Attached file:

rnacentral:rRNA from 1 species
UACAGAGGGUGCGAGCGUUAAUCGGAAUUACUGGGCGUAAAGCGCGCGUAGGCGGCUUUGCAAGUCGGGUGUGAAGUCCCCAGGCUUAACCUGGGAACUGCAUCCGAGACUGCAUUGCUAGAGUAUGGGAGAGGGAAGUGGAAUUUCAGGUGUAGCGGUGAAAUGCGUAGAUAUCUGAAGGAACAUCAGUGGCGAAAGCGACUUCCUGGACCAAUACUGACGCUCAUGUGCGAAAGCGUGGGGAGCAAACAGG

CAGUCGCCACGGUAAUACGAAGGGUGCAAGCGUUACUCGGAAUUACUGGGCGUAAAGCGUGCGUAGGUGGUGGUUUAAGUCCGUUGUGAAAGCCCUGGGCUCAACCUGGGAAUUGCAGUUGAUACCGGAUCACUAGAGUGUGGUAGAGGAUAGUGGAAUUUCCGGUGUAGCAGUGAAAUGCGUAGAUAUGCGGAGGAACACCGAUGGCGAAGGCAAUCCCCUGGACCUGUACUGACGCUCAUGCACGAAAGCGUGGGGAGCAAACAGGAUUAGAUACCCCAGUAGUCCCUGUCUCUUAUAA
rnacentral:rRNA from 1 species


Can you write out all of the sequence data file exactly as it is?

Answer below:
rnacentral:rRNA from 1 species
UACAGAGGGUGCGAGCGUUAAUCGGAAUUACUGGGCGUAAAGCGCGCGUAGGCGGCUUUGCAAGUCGGGUGUGAAGUCCCCAGGCUUAACCUGGGAACUGCAUCCGAGACUGCAUUGCUAGAGUAUGGGAGAGGGAAGUGGAAUUUCAGGUGUAGCGGUGAAAUGCGUAGAUAUCUGAAGGAACAUCAGUGGCGAAAGCGACUUCCUGGACCAAUACUGACGCUCAUGUGCGAAAGCGUGGGGAGCAAACAGG

CAGUCGCCACGGUAAUACGAAGGGUGCAAGCGUUACUCGGAAUUACUGGGCGUAAAGCGUGCGUAGGUGGUGGUUUAAGUCCGUUGUGAAAGCCCUGGGCUCAACCUGGGAAUUGCAGUUGAUACCGGAUCACUAGAGUGUGGUAGAGGAUAGUGGAAUUUCCGGUGUAGCAGUGAAAUGCGUAGAUAUGCGGAGGAACACCGAUGGCGAAGGCAAUCCCCUGGACCUGUACUGACGCUCAUGCACGAAAGCGUGGGGAGCAAACAGGAUUAGAUACCCCAGUAGUCCCUGUCUCUUAUAA
rnacentral:rRNA from 1 species